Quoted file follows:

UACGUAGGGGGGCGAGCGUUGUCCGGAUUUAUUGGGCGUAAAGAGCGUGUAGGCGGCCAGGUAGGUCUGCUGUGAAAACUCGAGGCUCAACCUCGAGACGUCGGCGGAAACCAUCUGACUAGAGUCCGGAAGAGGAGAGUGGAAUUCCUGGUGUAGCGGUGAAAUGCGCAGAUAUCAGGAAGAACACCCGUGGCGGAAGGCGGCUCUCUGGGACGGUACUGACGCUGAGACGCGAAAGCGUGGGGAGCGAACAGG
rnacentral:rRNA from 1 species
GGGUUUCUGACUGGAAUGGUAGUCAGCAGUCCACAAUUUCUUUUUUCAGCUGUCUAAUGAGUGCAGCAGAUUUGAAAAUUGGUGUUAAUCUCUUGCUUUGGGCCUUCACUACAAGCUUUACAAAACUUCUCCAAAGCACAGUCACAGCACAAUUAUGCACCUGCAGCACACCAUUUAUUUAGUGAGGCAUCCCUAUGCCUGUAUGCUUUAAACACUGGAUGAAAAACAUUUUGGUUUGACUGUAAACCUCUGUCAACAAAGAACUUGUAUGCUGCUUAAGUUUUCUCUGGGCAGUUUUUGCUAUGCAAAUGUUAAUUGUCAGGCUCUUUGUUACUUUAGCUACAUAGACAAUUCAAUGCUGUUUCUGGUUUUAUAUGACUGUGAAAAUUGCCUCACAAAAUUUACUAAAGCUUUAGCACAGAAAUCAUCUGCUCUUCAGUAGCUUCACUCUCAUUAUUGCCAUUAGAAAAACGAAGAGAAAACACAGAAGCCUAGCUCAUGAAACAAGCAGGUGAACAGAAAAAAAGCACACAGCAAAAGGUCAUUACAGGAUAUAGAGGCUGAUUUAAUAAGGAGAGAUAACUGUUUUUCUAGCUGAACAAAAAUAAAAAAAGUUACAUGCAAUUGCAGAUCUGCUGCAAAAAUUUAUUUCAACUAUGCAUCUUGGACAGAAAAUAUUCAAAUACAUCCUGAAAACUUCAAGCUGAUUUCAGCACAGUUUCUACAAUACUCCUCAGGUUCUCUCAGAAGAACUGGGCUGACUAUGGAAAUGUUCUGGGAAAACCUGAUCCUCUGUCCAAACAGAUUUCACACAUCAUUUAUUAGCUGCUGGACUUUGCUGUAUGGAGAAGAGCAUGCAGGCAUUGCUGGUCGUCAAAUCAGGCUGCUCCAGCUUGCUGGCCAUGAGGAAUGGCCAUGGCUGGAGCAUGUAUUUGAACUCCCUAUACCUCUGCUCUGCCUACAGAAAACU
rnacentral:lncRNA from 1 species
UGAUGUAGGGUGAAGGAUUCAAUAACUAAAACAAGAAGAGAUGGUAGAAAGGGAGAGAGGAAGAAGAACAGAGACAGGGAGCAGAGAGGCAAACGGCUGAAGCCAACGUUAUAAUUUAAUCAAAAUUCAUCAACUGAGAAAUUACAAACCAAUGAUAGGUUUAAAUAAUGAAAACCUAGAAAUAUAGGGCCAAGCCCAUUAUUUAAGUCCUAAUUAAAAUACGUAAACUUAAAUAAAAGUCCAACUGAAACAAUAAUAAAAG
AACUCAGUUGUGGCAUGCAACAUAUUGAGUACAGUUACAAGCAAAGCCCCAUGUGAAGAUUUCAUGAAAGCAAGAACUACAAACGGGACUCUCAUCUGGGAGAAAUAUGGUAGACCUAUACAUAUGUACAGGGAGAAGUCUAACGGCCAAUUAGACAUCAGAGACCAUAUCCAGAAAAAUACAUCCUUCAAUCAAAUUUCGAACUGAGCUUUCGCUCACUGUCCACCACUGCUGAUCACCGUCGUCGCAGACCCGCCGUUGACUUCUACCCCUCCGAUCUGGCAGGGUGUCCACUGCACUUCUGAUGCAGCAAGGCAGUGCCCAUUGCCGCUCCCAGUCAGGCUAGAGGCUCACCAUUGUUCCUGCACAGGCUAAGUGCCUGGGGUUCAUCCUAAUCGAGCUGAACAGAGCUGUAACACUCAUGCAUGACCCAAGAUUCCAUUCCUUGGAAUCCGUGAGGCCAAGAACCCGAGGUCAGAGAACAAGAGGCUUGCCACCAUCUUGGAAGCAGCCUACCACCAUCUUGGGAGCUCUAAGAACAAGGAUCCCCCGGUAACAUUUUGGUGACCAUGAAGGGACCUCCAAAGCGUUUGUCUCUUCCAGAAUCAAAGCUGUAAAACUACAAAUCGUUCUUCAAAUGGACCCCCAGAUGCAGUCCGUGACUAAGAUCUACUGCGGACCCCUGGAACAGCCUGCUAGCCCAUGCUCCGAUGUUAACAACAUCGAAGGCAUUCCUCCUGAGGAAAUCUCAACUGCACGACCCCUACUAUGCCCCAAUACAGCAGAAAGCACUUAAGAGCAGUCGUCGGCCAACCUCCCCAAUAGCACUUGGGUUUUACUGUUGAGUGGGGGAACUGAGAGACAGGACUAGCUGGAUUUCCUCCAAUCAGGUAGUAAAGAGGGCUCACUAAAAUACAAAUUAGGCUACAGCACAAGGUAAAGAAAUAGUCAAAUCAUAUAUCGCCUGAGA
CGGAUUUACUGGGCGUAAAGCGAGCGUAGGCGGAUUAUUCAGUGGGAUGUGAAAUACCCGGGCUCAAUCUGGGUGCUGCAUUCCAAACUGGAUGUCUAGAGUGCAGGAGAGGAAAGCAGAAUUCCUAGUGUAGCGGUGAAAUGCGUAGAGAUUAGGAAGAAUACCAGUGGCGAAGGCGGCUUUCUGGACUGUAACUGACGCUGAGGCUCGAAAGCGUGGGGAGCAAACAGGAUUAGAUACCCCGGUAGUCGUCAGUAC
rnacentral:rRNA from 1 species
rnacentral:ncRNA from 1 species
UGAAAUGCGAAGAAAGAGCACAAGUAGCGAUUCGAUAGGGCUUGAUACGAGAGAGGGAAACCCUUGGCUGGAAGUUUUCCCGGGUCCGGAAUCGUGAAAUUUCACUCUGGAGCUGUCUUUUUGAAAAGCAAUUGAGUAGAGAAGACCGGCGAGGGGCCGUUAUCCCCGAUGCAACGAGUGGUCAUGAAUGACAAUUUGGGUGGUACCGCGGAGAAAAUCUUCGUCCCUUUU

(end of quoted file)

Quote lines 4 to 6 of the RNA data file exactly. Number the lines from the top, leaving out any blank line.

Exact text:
rnacentral:lncRNA from 1 species
UGAUGUAGGGUGAAGGAUUCAAUAACUAAAACAAGAAGAGAUGGUAGAAAGGGAGAGAGGAAGAAGAACAGAGACAGGGAGCAGAGAGGCAAACGGCUGAAGCCAACGUUAUAAUUUAAUCAAAAUUCAUCAACUGAGAAAUUACAAACCAAUGAUAGGUUUAAAUAAUGAAAACCUAGAAAUAUAGGGCCAAGCCCAUUAUUUAAGUCCUAAUUAAAAUACGUAAACUUAAAUAAAAGUCCAACUGAAACAAUAAUAAAAG
AACUCAGUUGUGGCAUGCAACAUAUUGAGUACAGUUACAAGCAAAGCCCCAUGUGAAGAUUUCAUGAAAGCAAGAACUACAAACGGGACUCUCAUCUGGGAGAAAUAUGGUAGACCUAUACAUAUGUACAGGGAGAAGUCUAACGGCCAAUUAGACAUCAGAGACCAUAUCCAGAAAAAUACAUCCUUCAAUCAAAUUUCGAACUGAGCUUUCGCUCACUGUCCACCACUGCUGAUCACCGUCGUCGCAGACCCGCCGUUGACUUCUACCCCUCCGAUCUGGCAGGGUGUCCACUGCACUUCUGAUGCAGCAAGGCAGUGCCCAUUGCCGCUCCCAGUCAGGCUAGAGGCUCACCAUUGUUCCUGCACAGGCUAAGUGCCUGGGGUUCAUCCUAAUCGAGCUGAACAGAGCUGUAACACUCAUGCAUGACCCAAGAUUCCAUUCCUUGGAAUCCGUGAGGCCAAGAACCCGAGGUCAGAGAACAAGAGGCUUGCCACCAUCUUGGAAGCAGCCUACCACCAUCUUGGGAGCUCUAAGAACAAGGAUCCCCCGGUAACAUUUUGGUGACCAUGAAGGGACCUCCAAAGCGUUUGUCUCUUCCAGAAUCAAAGCUGUAAAACUACAAAUCGUUCUUCAAAUGGACCCCCAGAUGCAGUCCGUGACUAAGAUCUACUGCGGACCCCUGGAACAGCCUGCUAGCCCAUGCUCCGAUGUUAACAACAUCGAAGGCAUUCCUCCUGAGGAAAUCUCAACUGCACGACCCCUACUAUGCCCCAAUACAGCAGAAAGCACUUAAGAGCAGUCGUCGGCCAACCUCCCCAAUAGCACUUGGGUUUUACUGUUGAGUGGGGGAACUGAGAGACAGGACUAGCUGGAUUUCCUCCAAUCAGGUAGUAAAGAGGGCUCACUAAAAUACAAAUUAGGCUACAGCACAAGGUAAAGAAAUAGUCAAAUCAUAUAUCGCCUGAGA